The Washington Post

‘Awkward Black Girl’ offers a role outside Hollywood typecasting

(Image from “Awkward Black Girl” episode 7.)

“I share the view of a lot of people in that I’m tired of these types of movies, these ‘white-people-save-the-day’ type stories,” Rae said in a phone interview. “No thank you.”

A Los Angeles native, who spent part of her childhood in Potomac, Md., Rae has challenged that lack of relatable Hollywood roles with her own Web series, “The Misadventures of Awkward Black Girl..”

“I just always found it disheartening to not be able to relate to people of color on television or even on film,” Rae said, noting that, growing up, she yearned for coming-of-age stories that she could relate to as a black woman. Few fit the mold. In a phone interview, she could only think of one: Spike Lee’s “Crooklyn.”

Instead of waiting for Hollywood to introduce a character to which she could relate, Rae created her own — “J,” a self-proclaimed “awkward black girl” who finds herself in hilariously cringe-worthy social situations. She toyed around with the character for more than two years before creating the series on YouTube.

The idea of black filmmakers using the Web to create story lines and characters not generally seen isn’t new — The Post wrote about it in 2009 when BET began promoting a Web series called “Buppies” (that’s black yuppies), starring Tatyana Ali of “Fresh Prince” fame.

However, unlike “Buppies,” which had network support, “Awkward Black Girl” has been promoted almost exclusively by Rae through social media. Rae posted the first episode to her own Facebook page back in February and the show now boasts a Facebook following of more than 14,000 fans. On Twitter, @awkwardblkgrl is followed by more than 6,000 users.

Rae recently raised over $50,000 through online crowdfunding platform Kickstarter, allowing the filmmaker to promise at least five more episodes. Meanwhile fans of the show have taken to Facebook and Twitter to proclaim themselves “awkward” and celebrate the show’s grassroots success.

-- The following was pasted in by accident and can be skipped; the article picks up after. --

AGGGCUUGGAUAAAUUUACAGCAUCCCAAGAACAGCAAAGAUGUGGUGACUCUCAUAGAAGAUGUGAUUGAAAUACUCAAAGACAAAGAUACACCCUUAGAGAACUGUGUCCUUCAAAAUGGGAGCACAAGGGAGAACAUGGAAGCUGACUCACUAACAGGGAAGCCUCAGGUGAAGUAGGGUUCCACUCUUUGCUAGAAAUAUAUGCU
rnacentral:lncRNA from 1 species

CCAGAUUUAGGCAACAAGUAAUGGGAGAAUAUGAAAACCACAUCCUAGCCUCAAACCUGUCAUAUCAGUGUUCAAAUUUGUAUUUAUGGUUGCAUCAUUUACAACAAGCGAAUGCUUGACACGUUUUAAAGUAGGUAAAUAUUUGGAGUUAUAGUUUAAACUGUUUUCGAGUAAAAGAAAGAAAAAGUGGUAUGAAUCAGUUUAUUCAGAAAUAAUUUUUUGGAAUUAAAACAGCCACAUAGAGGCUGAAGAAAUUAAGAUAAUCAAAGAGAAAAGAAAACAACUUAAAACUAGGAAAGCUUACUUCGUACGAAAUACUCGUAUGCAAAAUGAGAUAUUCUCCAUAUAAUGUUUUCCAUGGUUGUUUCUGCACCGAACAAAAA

Unlike typical Hollywood roles, J does not fill a typical black sidekick role. J, played by Rae herself, is the star of the show, playing a girl who stumbles and blunders her way through life. Anyone who has fretted over how to make the rounds at a party can relate to the crazy situations in which J finds herself. Race, and the sometimes uncomfortable situations it can cause, does play a part in the show. But the plot lines often transcend it. In one episode, J agonizes over how many times she should greet a coworker she sees repeatedly in the same hallway. In another, she’s sent to anger management because she freaks out over a missing office stapler. Fair warning, the series contains some choice language.

According to the show’s Twitter account, more than 20,000 viewers tuned in to the show’s seventh episode, which debuted earlier this month. The next episode, which Rae says will focus on J’s budding love triangle, will hit the Web on Sept. 8. If you can’t wait to get your “Awkward” fix you can watch previous episodes here.

Bethonie Butler is a producer and a reporter on The Post’s engagement team. She oversees online comments and has also contributed to The Style Blog and She The People.


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